Arizona Section Annual Women’s Health Day participants
We were introduced as a group to the Arizona House and Senate. In the afternoon, we met with individual legislators in smaller groups. Issues discussed included:
- Expansion of Medicaid
- Authorization of the use of misoprostol for non-US Food and Drug Administration indications and/or regimens
- Decriminalization of physician actions related to restrictions on abortion
- Licensed midwife scope of practice
The Women’s Health Day was modeled after the ACOG Congressional Leadership Conference, The President’s Conference, and successful advocacy days held by the Washington and New Mexico sections. The event offered an outlet for the Arizona Section to be a strong voice for women’s health in our state. We are excited to take on a more active role in advocating for women.
Colorado Cerebral Palsy Care Project drafts plan to assist children and families
Steven C. Holt, MD, Colorado Section vice chair and legislative chair
An initiative to better assist children born with cerebral palsy and their families is underway in Colorado. The Cerebral Palsy Care Project has drafted legislation that, if enacted, would create a five-year demonstration project with the following purposes:
To provide care, resource coordination, and resources frequently not available to families affected by birth-related cerebral palsy
To demonstrate that such programs are more effective, financially efficient, and conducive to improving medical care and systems than the current fault-based medical liability process
Term, birth-related cerebral palsy neonates with a birth weight of at least 2,500 grams who survive 90 days after birth and exhibit all the essential criteria of neonatal encephalopathy within the first seven days of life would qualify for the project and its afforded benefits. All benefits would be second to existing public and private insurance and entitlements. A care coordinator would be assigned to assist the family to obtain benefits and help determine needs. Respite care, home and van modifications, and educational support services would be potential benefits. Benefits would be available for life.
The project’s board of directors would be comprised of stakeholders and cerebral palsy experts. The board would determine additional eligibility for inclusion if there are irregularities attendant in the child’s birth. These irregularities could include neonates with inadequate delivery information to establish criteria or out-of-hospital births.
The project’s Program Benefits Committee members would be appointed by the board and include, among other stakeholders and providers, a family law attorney, a physical therapist, and an insurance benefits expert. This committee would determine benefits, and disputes would be resolved by a defined arbitration process.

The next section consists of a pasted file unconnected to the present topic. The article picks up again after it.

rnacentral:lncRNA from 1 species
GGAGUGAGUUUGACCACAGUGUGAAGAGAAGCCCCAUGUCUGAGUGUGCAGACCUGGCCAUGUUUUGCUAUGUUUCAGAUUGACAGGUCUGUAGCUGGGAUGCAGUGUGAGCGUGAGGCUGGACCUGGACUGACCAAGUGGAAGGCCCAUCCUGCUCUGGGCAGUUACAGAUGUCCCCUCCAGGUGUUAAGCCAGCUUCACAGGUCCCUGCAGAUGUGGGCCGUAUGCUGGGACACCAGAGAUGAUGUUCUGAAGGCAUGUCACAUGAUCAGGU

The Medical Review Board for each case would include providers from involved specialties, a cerebral palsy family representative, a patient safety representative, and representatives from the hospital where the birth occurred. Providers and other personnel present at the birth would be included as requested, and all necessary records for review would be provided and protected.
The review board would be afforded peer-review protections and have no disciplinary authority unless it finds an immediate threat to public safety. In that case, a report would be made to the appropriate regulatory board. Aggregated and de-identified information of use to the health care community would be published as the review board deems appropriate, and a privileged report would be submitted to the birth hospital. These actions would not preclude institutional peer review. Medical review would be conducted as a learning opportunity, not as a forum for finding fault.
Funding would come from insurers and self-insurance funds currently providing liability coverage. Contributions would be based on prior expense experience in settling and defending term cerebral palsy cases. There will be an annual expense and overall program report submitted to the commissioner of insurance and the Colorado Legislature. Should the program become actuarially unsound, it would be terminated and liability action might be filed.
The project will not likely be introduced this year. Members of the Colorado Section plan to meet with sponsors and other stakeholders after the current legislative session ends.
Honduras ob-gyn residency program receives Junior Fellow project grant
Norman G. Morales Alvarado, MD
The first District VIII Junior Fellow Central American Education Project grant was awarded to the Honduras ob-gyn residency program. The program is a three-year program with 52 residents (22 first-year residents, 16 second-year residents, and 14 third-year residents). The residents and medical students rotating through the program will directly benefit from the project’s grant.
The Honduras ob-gyn residency program already has a well-suited classroom that can hold 50 people. It will use the grant to purchase technology resources for providing education.